How Big is the Hospital Medical Supply Waste Problem?

How Big is the Hospital Medical Supply Waste Problem?

Medical supply waste costs Americans billions of dollars every year. Soaring health care costs caused the average person to spend $9,990 on their annual care costs in 2015. In the 60s, people spent $146 per person on health care.

When adjusting for inflation, people in the 60s spent 4% of their earnings on health care, while people today spend 6% of their earnings on care costs.

Healthcare costs are expected to grow faster than economic growth.

Waste is a major contributor to the rising healthcare costs in the United States. Insurance costs are a political focus, with politicians arguing for everything from a single payer system to privatization of Medicaid.

The waste problem is serious when you look at the statistics. The National Academy of Medicine found that, as of 2012, the health care system wasted $765 billion annually. This is a significant amount of waste.

You could pay for coverage for nearly 50% of Americans with the money wasted in the health care system. Health care waste costs surpass the budget of the Defense Department. Waste has a direct correlation to rising health care premiums.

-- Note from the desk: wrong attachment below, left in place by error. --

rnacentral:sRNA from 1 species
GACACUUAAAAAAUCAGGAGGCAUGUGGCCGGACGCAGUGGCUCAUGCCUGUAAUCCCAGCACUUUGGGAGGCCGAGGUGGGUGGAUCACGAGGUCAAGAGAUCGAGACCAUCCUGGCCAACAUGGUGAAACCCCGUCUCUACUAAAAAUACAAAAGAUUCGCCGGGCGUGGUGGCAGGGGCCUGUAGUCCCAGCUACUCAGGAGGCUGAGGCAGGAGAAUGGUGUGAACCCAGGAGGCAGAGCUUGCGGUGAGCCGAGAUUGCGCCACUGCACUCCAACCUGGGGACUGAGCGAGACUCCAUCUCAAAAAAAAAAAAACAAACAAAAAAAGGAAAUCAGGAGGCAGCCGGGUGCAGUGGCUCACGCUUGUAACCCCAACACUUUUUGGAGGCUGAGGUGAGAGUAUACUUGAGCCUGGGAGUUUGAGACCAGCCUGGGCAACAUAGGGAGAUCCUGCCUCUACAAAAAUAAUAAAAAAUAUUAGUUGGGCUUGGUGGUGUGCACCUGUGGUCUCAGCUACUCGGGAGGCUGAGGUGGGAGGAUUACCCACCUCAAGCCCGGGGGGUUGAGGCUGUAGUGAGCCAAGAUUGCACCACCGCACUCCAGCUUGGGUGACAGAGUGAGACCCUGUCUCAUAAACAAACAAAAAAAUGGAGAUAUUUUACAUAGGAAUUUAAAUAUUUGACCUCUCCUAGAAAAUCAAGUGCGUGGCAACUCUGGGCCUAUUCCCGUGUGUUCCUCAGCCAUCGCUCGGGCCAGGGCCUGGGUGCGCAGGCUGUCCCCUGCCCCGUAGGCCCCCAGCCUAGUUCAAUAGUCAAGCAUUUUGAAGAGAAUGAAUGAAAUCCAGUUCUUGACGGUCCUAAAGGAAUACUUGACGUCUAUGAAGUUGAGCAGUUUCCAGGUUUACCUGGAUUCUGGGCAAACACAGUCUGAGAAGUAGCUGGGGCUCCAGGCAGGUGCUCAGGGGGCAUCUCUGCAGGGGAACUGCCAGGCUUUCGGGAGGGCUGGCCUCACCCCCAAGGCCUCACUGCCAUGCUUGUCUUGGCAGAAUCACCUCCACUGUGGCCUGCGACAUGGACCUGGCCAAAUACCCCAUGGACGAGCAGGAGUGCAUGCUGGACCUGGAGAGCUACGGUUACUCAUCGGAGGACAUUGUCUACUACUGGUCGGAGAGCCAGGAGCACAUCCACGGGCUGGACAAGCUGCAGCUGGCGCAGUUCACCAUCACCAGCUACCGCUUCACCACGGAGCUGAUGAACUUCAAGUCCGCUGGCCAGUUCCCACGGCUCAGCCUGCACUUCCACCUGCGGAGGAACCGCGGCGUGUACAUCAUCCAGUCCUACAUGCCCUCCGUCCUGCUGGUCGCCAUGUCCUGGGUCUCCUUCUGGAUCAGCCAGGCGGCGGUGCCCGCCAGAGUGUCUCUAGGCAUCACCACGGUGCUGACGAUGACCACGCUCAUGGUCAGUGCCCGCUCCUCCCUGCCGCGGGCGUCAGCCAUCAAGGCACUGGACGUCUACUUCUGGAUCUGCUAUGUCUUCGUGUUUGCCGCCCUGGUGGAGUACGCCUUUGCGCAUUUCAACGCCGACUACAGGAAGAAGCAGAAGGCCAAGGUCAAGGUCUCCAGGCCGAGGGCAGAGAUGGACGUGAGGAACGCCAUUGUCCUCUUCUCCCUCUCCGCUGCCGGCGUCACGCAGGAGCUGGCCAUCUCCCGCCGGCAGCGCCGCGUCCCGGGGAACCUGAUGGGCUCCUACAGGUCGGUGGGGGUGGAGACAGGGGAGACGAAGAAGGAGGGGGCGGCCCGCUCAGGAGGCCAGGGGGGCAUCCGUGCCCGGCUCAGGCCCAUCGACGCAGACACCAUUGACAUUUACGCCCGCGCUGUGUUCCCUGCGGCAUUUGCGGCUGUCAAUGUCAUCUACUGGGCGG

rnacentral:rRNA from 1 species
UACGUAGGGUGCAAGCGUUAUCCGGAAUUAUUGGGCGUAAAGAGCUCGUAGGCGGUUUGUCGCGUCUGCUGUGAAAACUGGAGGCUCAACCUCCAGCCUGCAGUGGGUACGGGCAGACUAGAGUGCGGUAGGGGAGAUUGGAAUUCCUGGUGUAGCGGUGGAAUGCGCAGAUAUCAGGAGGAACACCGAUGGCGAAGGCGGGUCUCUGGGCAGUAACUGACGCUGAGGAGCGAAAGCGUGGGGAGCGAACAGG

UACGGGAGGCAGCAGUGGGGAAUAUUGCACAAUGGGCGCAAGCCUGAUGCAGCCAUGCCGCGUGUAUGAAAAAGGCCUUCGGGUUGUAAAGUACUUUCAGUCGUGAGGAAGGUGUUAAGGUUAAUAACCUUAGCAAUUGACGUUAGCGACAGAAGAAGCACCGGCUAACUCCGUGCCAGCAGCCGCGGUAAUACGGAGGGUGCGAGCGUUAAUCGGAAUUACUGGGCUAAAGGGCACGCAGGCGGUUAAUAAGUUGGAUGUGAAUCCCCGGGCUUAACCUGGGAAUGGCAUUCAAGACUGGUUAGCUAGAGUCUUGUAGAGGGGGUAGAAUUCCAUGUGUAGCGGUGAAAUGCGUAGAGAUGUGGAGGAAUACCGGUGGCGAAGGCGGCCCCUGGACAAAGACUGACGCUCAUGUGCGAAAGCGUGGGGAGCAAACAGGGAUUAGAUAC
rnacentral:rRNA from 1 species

Polls show that people don’t want politicians to repeal the Affordable Care Act (ACA). Instead, people want lower costs of their doctor visits, prescriptions and health insurance costs. Waste management can help lower premiums with the right implementation.

John Hopkins found that $15 million in new medical supplies were thrown away in 2014.

It’s not entirely the fault of the hospital, nurses and doctors – it’s a systematic problem that is complex.

Bundling Medical Supplies is a Growing Concern

Suppliers offer a bundled option that gives the most common items in one package to hospitals and health care providers. For example, emergency rooms will have dozens of items packaged neatly into a bundle.

The bundling allows for the supplies to be readily available and makes emergency rooms more efficient.

Packages and bundles exist with several products. Diapers may be bundled with bed and chux pads, cleaning supplies and other items.

Once the package is opened, the items are meant for a specific patient only. The items cannot be packaged, opened and used for a different patient. If a patient uses the diapers and nothing else, the remaining items in the bundle are discarded.

It’s a wasteful practice that is effective in some measures and wasteful in most circumstances.

Non-profit organizations have stepped in to help lower the amount of waste in the industry. Non-profits will ship unused medical supplies to developing countries to help provide medical supplies to those in need.

But the waste problem still causes a strain on healthcare costs in the United States.

The industry will also discard key medical equipment once an updated model is available. Ultrasound machines, which often cost $25,000, are discarded when new models are available.

Hospitals and emergency rooms that are contributing to medical supply waste need to act effectively to reduce the waste problem. Implementing incentives to reduce waste, reselling older equipment and utilizing bundled items with more effectiveness is a great start.